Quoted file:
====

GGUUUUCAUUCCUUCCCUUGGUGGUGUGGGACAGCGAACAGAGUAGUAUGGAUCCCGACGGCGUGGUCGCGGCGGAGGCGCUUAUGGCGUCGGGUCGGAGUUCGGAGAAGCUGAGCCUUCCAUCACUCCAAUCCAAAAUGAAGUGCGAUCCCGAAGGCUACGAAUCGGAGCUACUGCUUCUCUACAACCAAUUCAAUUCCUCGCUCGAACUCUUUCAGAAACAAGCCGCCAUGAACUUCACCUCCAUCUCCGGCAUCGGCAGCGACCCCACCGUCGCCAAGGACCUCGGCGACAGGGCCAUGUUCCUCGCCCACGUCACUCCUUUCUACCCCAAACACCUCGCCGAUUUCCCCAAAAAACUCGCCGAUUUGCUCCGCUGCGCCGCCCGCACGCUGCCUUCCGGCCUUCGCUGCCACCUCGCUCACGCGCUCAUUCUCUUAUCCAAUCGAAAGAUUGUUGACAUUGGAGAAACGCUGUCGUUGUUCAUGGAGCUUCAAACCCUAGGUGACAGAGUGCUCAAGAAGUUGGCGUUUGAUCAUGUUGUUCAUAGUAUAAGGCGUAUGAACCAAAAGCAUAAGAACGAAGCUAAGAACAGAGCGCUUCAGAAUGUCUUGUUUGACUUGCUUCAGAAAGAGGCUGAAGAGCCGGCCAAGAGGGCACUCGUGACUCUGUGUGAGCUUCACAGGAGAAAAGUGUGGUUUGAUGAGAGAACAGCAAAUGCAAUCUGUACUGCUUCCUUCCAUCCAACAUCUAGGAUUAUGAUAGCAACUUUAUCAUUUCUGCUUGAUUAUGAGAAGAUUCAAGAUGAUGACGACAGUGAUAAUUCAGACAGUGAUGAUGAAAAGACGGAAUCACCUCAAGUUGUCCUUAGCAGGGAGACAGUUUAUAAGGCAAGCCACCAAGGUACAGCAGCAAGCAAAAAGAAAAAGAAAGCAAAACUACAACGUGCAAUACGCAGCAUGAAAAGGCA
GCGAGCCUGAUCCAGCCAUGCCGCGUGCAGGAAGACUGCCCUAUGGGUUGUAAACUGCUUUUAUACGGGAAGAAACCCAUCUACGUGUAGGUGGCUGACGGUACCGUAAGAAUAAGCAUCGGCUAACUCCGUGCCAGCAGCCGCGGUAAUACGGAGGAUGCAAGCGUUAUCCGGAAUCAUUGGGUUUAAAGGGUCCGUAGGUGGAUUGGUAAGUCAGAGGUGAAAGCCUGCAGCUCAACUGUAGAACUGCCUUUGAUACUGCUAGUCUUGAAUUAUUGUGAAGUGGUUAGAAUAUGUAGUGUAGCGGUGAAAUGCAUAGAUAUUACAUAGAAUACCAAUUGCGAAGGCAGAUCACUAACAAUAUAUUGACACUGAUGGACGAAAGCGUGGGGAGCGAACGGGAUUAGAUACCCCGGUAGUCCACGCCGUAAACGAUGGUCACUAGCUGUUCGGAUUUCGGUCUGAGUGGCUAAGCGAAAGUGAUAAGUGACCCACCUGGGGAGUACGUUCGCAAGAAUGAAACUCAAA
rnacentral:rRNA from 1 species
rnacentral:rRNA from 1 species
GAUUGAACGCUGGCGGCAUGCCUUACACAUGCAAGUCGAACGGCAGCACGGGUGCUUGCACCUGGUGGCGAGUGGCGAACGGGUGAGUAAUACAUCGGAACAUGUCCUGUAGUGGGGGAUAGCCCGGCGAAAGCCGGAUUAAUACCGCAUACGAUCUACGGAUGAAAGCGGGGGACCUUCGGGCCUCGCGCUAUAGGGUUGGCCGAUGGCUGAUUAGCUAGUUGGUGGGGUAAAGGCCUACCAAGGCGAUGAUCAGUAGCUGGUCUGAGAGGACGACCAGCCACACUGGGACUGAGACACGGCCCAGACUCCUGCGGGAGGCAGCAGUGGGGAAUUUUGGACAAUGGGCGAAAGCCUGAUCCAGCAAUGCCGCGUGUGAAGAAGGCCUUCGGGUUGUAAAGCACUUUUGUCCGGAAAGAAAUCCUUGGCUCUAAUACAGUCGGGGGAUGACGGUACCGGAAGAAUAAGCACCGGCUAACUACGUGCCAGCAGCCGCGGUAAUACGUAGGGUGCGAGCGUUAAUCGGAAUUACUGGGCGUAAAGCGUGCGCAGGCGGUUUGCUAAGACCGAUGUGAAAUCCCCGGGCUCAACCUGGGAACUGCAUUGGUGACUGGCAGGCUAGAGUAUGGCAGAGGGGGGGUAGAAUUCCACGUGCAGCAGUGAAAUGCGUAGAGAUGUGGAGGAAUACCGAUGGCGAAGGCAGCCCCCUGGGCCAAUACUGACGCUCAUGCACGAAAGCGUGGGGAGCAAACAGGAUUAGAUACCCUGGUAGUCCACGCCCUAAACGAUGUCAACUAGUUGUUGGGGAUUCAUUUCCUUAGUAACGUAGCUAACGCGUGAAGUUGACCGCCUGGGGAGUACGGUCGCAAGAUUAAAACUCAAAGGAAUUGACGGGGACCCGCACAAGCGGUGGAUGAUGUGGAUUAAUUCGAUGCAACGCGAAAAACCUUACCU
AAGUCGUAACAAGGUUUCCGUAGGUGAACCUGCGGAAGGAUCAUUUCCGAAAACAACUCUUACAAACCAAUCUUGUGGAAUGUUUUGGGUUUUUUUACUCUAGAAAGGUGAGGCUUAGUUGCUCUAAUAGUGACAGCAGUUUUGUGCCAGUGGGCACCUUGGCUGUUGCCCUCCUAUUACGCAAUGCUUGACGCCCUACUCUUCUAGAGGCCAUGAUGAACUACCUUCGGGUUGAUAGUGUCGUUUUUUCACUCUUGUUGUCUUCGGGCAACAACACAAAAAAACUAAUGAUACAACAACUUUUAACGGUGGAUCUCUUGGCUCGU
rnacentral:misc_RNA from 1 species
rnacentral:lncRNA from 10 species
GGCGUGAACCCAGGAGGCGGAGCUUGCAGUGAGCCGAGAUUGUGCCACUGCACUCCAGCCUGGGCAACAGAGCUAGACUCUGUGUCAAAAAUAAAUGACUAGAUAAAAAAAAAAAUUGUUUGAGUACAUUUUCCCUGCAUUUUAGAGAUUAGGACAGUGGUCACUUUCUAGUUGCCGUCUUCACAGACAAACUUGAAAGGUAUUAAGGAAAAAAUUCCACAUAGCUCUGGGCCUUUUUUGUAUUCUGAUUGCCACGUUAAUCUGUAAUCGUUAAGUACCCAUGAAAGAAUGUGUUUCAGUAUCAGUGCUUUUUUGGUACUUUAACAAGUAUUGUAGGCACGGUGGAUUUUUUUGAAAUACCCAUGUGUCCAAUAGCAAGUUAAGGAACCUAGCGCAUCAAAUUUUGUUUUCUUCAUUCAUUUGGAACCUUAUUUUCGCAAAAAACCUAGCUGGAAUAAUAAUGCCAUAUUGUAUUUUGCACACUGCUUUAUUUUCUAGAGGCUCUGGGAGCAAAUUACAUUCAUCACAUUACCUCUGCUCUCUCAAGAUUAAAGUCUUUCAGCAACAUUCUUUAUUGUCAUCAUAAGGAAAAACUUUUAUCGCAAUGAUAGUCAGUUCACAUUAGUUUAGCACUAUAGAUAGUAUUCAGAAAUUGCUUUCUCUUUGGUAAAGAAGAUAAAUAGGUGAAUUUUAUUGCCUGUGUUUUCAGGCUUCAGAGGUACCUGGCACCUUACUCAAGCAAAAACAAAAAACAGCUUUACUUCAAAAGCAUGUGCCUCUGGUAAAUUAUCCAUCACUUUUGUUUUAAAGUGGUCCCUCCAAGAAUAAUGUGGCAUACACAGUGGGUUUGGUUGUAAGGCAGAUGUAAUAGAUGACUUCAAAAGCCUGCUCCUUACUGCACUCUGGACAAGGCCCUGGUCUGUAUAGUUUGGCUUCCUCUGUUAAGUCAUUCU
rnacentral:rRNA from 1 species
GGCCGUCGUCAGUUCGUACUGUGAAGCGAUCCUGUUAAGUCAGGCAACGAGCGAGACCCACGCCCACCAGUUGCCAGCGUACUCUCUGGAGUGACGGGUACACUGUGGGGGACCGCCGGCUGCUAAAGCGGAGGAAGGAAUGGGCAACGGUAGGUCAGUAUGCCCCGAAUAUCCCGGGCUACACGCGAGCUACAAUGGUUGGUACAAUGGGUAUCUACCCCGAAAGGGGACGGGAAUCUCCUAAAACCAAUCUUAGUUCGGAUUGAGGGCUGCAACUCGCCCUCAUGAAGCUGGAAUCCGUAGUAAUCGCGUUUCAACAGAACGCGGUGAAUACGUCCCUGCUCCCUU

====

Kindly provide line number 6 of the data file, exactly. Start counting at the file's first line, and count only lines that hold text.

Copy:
AAGUCGUAACAAGGUUUCCGUAGGUGAACCUGCGGAAGGAUCAUUUCCGAAAACAACUCUUACAAACCAAUCUUGUGGAAUGUUUUGGGUUUUUUUACUCUAGAAAGGUGAGGCUUAGUUGCUCUAAUAGUGACAGCAGUUUUGUGCCAGUGGGCACCUUGGCUGUUGCCCUCCUAUUACGCAAUGCUUGACGCCCUACUCUUCUAGAGGCCAUGAUGAACUACCUUCGGGUUGAUAGUGUCGUUUUUUCACUCUUGUUGUCUUCGGGCAACAACACAAAAAAACUAAUGAUACAACAACUUUUAACGGUGGAUCUCUUGGCUCGU